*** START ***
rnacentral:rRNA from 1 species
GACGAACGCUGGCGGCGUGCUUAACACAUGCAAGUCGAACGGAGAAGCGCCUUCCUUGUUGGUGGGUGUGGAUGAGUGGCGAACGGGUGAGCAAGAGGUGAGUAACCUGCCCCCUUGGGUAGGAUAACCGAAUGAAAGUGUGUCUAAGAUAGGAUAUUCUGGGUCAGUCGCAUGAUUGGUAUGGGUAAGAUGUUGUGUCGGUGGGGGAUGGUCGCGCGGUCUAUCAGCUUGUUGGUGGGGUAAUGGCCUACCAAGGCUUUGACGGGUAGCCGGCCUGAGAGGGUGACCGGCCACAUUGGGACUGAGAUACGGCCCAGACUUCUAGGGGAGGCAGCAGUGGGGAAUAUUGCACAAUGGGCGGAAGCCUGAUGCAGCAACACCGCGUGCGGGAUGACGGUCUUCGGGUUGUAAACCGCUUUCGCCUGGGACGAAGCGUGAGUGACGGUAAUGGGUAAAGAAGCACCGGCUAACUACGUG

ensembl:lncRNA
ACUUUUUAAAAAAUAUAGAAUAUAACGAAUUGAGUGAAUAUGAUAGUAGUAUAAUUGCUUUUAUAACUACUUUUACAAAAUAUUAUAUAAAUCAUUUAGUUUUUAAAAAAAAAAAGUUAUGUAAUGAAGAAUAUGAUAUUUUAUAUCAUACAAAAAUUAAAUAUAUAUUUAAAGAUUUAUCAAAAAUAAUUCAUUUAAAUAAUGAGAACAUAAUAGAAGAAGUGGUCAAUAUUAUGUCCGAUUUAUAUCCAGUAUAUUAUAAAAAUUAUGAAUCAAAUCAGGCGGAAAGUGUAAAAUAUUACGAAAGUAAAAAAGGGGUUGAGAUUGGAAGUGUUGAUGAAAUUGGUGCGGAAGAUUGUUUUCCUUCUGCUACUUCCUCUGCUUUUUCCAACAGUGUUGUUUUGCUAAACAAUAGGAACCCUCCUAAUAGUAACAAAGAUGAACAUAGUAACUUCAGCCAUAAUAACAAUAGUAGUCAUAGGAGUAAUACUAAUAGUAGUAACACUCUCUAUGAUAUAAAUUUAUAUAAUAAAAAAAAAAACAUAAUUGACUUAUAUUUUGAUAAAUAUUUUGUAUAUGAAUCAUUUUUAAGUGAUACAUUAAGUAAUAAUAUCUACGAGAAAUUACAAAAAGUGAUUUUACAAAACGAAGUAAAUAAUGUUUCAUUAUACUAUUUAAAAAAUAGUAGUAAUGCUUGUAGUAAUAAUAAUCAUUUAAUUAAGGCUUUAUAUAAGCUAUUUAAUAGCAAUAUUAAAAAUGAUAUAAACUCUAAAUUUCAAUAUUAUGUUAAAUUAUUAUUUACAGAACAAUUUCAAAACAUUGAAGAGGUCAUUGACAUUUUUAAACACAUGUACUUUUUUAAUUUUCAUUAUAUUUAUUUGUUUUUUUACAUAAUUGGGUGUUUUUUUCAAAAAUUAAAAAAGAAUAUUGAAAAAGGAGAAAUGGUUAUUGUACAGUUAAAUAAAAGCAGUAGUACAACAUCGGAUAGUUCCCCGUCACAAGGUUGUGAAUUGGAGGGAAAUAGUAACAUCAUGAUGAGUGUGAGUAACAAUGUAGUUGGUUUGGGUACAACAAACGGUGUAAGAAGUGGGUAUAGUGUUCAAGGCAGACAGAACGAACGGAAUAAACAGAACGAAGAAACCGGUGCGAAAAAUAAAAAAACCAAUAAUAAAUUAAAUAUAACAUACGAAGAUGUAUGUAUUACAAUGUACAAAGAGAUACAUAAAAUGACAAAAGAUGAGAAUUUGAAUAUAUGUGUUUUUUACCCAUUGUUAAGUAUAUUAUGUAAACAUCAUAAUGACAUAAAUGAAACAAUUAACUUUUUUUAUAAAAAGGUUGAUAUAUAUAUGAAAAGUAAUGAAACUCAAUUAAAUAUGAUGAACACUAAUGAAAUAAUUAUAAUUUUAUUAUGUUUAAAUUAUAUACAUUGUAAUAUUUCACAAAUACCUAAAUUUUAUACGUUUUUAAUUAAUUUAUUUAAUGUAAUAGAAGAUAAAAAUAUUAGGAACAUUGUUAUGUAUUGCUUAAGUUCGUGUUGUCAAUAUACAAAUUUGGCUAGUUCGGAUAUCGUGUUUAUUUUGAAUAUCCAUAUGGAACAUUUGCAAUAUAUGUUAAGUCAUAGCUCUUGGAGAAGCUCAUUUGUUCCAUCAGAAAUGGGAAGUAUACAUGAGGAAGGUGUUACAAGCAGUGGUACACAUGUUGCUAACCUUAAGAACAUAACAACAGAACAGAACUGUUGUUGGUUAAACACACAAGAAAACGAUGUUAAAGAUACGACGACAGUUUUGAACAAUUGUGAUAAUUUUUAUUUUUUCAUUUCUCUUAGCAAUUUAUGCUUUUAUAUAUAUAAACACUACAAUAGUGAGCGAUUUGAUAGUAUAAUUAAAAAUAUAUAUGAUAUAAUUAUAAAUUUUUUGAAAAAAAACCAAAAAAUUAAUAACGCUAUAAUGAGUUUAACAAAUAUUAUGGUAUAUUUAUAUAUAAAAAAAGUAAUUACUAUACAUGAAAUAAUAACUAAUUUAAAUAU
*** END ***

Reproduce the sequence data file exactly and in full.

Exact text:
rnacentral:rRNA from 1 species
GACGAACGCUGGCGGCGUGCUUAACACAUGCAAGUCGAACGGAGAAGCGCCUUCCUUGUUGGUGGGUGUGGAUGAGUGGCGAACGGGUGAGCAAGAGGUGAGUAACCUGCCCCCUUGGGUAGGAUAACCGAAUGAAAGUGUGUCUAAGAUAGGAUAUUCUGGGUCAGUCGCAUGAUUGGUAUGGGUAAGAUGUUGUGUCGGUGGGGGAUGGUCGCGCGGUCUAUCAGCUUGUUGGUGGGGUAAUGGCCUACCAAGGCUUUGACGGGUAGCCGGCCUGAGAGGGUGACCGGCCACAUUGGGACUGAGAUACGGCCCAGACUUCUAGGGGAGGCAGCAGUGGGGAAUAUUGCACAAUGGGCGGAAGCCUGAUGCAGCAACACCGCGUGCGGGAUGACGGUCUUCGGGUUGUAAACCGCUUUCGCCUGGGACGAAGCGUGAGUGACGGUAAUGGGUAAAGAAGCACCGGCUAACUACGUG

ensembl:lncRNA
ACUUUUUAAAAAAUAUAGAAUAUAACGAAUUGAGUGAAUAUGAUAGUAGUAUAAUUGCUUUUAUAACUACUUUUACAAAAUAUUAUAUAAAUCAUUUAGUUUUUAAAAAAAAAAAGUUAUGUAAUGAAGAAUAUGAUAUUUUAUAUCAUACAAAAAUUAAAUAUAUAUUUAAAGAUUUAUCAAAAAUAAUUCAUUUAAAUAAUGAGAACAUAAUAGAAGAAGUGGUCAAUAUUAUGUCCGAUUUAUAUCCAGUAUAUUAUAAAAAUUAUGAAUCAAAUCAGGCGGAAAGUGUAAAAUAUUACGAAAGUAAAAAAGGGGUUGAGAUUGGAAGUGUUGAUGAAAUUGGUGCGGAAGAUUGUUUUCCUUCUGCUACUUCCUCUGCUUUUUCCAACAGUGUUGUUUUGCUAAACAAUAGGAACCCUCCUAAUAGUAACAAAGAUGAACAUAGUAACUUCAGCCAUAAUAACAAUAGUAGUCAUAGGAGUAAUACUAAUAGUAGUAACACUCUCUAUGAUAUAAAUUUAUAUAAUAAAAAAAAAAACAUAAUUGACUUAUAUUUUGAUAAAUAUUUUGUAUAUGAAUCAUUUUUAAGUGAUACAUUAAGUAAUAAUAUCUACGAGAAAUUACAAAAAGUGAUUUUACAAAACGAAGUAAAUAAUGUUUCAUUAUACUAUUUAAAAAAUAGUAGUAAUGCUUGUAGUAAUAAUAAUCAUUUAAUUAAGGCUUUAUAUAAGCUAUUUAAUAGCAAUAUUAAAAAUGAUAUAAACUCUAAAUUUCAAUAUUAUGUUAAAUUAUUAUUUACAGAACAAUUUCAAAACAUUGAAGAGGUCAUUGACAUUUUUAAACACAUGUACUUUUUUAAUUUUCAUUAUAUUUAUUUGUUUUUUUACAUAAUUGGGUGUUUUUUUCAAAAAUUAAAAAAGAAUAUUGAAAAAGGAGAAAUGGUUAUUGUACAGUUAAAUAAAAGCAGUAGUACAACAUCGGAUAGUUCCCCGUCACAAGGUUGUGAAUUGGAGGGAAAUAGUAACAUCAUGAUGAGUGUGAGUAACAAUGUAGUUGGUUUGGGUACAACAAACGGUGUAAGAAGUGGGUAUAGUGUUCAAGGCAGACAGAACGAACGGAAUAAACAGAACGAAGAAACCGGUGCGAAAAAUAAAAAAACCAAUAAUAAAUUAAAUAUAACAUACGAAGAUGUAUGUAUUACAAUGUACAAAGAGAUACAUAAAAUGACAAAAGAUGAGAAUUUGAAUAUAUGUGUUUUUUACCCAUUGUUAAGUAUAUUAUGUAAACAUCAUAAUGACAUAAAUGAAACAAUUAACUUUUUUUAUAAAAAGGUUGAUAUAUAUAUGAAAAGUAAUGAAACUCAAUUAAAUAUGAUGAACACUAAUGAAAUAAUUAUAAUUUUAUUAUGUUUAAAUUAUAUACAUUGUAAUAUUUCACAAAUACCUAAAUUUUAUACGUUUUUAAUUAAUUUAUUUAAUGUAAUAGAAGAUAAAAAUAUUAGGAACAUUGUUAUGUAUUGCUUAAGUUCGUGUUGUCAAUAUACAAAUUUGGCUAGUUCGGAUAUCGUGUUUAUUUUGAAUAUCCAUAUGGAACAUUUGCAAUAUAUGUUAAGUCAUAGCUCUUGGAGAAGCUCAUUUGUUCCAUCAGAAAUGGGAAGUAUACAUGAGGAAGGUGUUACAAGCAGUGGUACACAUGUUGCUAACCUUAAGAACAUAACAACAGAACAGAACUGUUGUUGGUUAAACACACAAGAAAACGAUGUUAAAGAUACGACGACAGUUUUGAACAAUUGUGAUAAUUUUUAUUUUUUCAUUUCUCUUAGCAAUUUAUGCUUUUAUAUAUAUAAACACUACAAUAGUGAGCGAUUUGAUAGUAUAAUUAAAAAUAUAUAUGAUAUAAUUAUAAAUUUUUUGAAAAAAAACCAAAAAAUUAAUAACGCUAUAAUGAGUUUAACAAAUAUUAUGGUAUAUUUAUAUAUAAAAAAAGUAAUUACUAUACAUGAAAUAAUAACUAAUUUAAAUAU